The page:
Laser and Material Interaction - Plasma Effect

What is Plasma?

In laser welding, a flame-like flow is often accompanied (jets of flames, yellow light, blue light, purple light are all present), which is commonly referred to as plasma.

Plasma Definition

Plasma is a gaseous mixture of free electrons, ions, and electrically neutral particles (atoms, molecules, and radicals) that is produced during the laser welding process by the vaporization of metal materials due to laser radiation. This type of plasma, generated by light, is known as photo-induced plasma. The main components of photo-induced plasma are metal vapors, free electrons, ions, and electrically neutral particles.

Laser and Material Interaction - Plasma Effect 01

Plasma Formation Process

During the laser ablation of the material surface, plasma is generated when the laser power density reaches a certain threshold. The specific microscopic mechanism can be divided into two steps:

Step One

When the laser irradiates the metal surface, electrons near the surface absorb photons through inverse bremsstrahlung recombination, and these energized electrons transfer their absorbed energy to the metal lattice through interactions with phonons. The process of electrons being heated and the energy transfer process within the lattice are both completed within a few picoseconds, resulting in a rapid increase in both electron temperature and lattice vibrational temperature, ultimately leading to the breaking of bonds within the lattice and exhibiting phenomena such as metal vaporization and explosion.

Step Two

The initial products of ablation and the laser interact near the surface of the material, causing the evaporated substance to continue heating and ionizing. This process includes three effects: free electrons absorbing the energy of laser radiation, continuously colliding with atoms and molecules causing ionization, thereby generating new free electrons that continue to collide and ionize in a cyclic manner, triggering an avalanche of ionization; charge carrying ions colliding with atoms and molecules, causing ionization; and excited state atoms and molecular groups undergoing photoionization.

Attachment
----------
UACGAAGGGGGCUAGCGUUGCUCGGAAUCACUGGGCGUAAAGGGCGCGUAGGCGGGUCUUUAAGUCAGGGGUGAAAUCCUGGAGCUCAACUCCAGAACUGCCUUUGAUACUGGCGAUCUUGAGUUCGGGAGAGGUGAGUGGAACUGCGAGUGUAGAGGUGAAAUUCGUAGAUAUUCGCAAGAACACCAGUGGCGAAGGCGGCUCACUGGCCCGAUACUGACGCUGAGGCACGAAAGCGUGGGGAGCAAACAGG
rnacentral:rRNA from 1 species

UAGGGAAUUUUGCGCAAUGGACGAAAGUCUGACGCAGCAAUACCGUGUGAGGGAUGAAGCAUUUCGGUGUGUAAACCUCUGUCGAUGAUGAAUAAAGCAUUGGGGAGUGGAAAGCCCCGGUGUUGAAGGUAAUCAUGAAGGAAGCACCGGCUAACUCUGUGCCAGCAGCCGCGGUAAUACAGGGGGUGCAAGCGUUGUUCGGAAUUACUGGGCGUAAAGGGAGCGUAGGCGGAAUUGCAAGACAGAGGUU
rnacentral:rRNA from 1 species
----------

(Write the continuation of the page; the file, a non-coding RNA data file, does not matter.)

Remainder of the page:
In summary

During the laser deep penetration welding process, when the energy density of the incident laser is sufficiently high, it can vaporize the metal and form a keyhole in the melt pool. At the same time, metal vapor ejected from the metal surface and the keyhole, as well as some free electrons from the protective gas, are accelerated by absorbing laser energy, increasing their kinetic energy. This causes them to collide with vapor particles and protective gas, triggering a chain reaction, thereby ionizing extensively. As a result, a dense plasma is formed above the keyhole, which significantly affects the laser welding process.

Laser and Material Interaction - Plasma Effect 02

Characteristics of Plasma

Periodic Characteristics of Plasma

Laser and Material Interaction - Plasma Effect 03

As the laser outputs and irradiates the surface of the material, it generates plasma. When the density of the photo-induced plasma becomes too high, it significantly increases the loss of laser energy, causing the energy density reaching the surface of the workpiece to weaken. This results in a decreasing amount of metal vapor produced, and the plasma gradually disappears. At this point, the laser can directly irradiate the surface of the workpiece again, recreating a large amount of metal vapor, and the intensity of the plasma gradually increases, once again shielding the incident laser. This cycle repeats, with the intensity of the plasma undergoing periodic changes. Through spectral analysis and high-speed camera observation, the frequency of plasma intensity oscillations is found to be in the order of several hundred Hertz. This also leads to periodic serrated fluctuations in laser welding, which is particularly noteworthy in welding thin plates (laser modulation, CW modulated, is one direction for solving this problem).